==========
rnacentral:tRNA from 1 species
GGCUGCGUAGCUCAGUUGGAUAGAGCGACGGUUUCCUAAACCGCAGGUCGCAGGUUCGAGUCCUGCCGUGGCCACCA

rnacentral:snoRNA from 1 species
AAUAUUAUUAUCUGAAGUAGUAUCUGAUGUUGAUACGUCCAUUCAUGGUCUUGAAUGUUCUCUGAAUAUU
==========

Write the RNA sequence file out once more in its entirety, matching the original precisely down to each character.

rnacentral:tRNA from 1 species
GGCUGCGUAGCUCAGUUGGAUAGAGCGACGGUUUCCUAAACCGCAGGUCGCAGGUUCGAGUCCUGCCGUGGCCACCA

rnacentral:snoRNA from 1 species
AAUAUUAUUAUCUGAAGUAGUAUCUGAUGUUGAUACGUCCAUUCAUGGUCUUGAAUGUUCUCUGAAUAUU